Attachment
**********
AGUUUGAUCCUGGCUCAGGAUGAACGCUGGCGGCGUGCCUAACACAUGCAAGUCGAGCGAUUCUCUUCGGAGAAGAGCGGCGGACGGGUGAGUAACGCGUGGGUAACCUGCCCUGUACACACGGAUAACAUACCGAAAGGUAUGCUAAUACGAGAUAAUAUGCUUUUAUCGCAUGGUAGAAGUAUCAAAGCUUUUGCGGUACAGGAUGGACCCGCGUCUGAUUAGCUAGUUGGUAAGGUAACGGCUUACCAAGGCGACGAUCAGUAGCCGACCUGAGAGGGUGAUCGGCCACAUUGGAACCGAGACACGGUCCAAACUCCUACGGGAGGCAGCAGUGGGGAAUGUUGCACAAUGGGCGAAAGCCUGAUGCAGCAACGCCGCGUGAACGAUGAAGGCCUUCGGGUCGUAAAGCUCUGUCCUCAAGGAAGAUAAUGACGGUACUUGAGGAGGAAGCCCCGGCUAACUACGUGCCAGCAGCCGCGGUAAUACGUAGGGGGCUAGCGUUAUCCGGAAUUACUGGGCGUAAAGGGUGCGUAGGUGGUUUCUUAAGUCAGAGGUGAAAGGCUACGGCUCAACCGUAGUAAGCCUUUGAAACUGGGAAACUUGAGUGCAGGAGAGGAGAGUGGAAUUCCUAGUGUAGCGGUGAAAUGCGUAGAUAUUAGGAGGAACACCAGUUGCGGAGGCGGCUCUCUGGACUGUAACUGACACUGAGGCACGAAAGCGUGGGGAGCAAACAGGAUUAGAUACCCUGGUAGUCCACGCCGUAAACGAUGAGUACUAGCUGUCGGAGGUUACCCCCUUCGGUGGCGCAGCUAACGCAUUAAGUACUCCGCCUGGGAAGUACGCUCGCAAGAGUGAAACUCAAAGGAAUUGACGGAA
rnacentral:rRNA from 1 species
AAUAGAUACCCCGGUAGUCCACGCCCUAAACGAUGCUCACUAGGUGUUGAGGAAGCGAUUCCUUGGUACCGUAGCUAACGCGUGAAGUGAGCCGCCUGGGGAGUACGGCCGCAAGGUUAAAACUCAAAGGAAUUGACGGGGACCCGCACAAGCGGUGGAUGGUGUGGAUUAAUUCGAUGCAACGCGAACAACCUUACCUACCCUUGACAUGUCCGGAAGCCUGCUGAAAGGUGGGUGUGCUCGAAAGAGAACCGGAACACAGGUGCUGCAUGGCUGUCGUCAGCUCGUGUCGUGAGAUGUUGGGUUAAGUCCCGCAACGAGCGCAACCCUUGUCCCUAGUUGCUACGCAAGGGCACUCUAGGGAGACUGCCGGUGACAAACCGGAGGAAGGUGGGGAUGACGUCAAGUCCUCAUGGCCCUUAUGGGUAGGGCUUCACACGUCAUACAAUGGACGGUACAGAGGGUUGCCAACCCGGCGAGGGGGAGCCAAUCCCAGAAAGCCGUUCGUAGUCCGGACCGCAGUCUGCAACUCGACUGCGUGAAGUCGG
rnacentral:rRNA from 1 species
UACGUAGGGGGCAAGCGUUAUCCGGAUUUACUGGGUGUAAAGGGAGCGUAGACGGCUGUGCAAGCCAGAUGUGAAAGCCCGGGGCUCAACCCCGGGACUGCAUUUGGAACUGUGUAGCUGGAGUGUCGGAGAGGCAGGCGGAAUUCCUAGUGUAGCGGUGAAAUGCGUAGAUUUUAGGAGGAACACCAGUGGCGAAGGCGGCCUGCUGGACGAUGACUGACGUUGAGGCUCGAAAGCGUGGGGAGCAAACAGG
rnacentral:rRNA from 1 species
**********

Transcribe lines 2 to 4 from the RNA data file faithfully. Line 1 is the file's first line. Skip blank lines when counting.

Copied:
rnacentral:rRNA from 1 species
AAUAGAUACCCCGGUAGUCCACGCCCUAAACGAUGCUCACUAGGUGUUGAGGAAGCGAUUCCUUGGUACCGUAGCUAACGCGUGAAGUGAGCCGCCUGGGGAGUACGGCCGCAAGGUUAAAACUCAAAGGAAUUGACGGGGACCCGCACAAGCGGUGGAUGGUGUGGAUUAAUUCGAUGCAACGCGAACAACCUUACCUACCCUUGACAUGUCCGGAAGCCUGCUGAAAGGUGGGUGUGCUCGAAAGAGAACCGGAACACAGGUGCUGCAUGGCUGUCGUCAGCUCGUGUCGUGAGAUGUUGGGUUAAGUCCCGCAACGAGCGCAACCCUUGUCCCUAGUUGCUACGCAAGGGCACUCUAGGGAGACUGCCGGUGACAAACCGGAGGAAGGUGGGGAUGACGUCAAGUCCUCAUGGCCCUUAUGGGUAGGGCUUCACACGUCAUACAAUGGACGGUACAGAGGGUUGCCAACCCGGCGAGGGGGAGCCAAUCCCAGAAAGCCGUUCGUAGUCCGGACCGCAGUCUGCAACUCGACUGCGUGAAGUCGG
rnacentral:rRNA from 1 species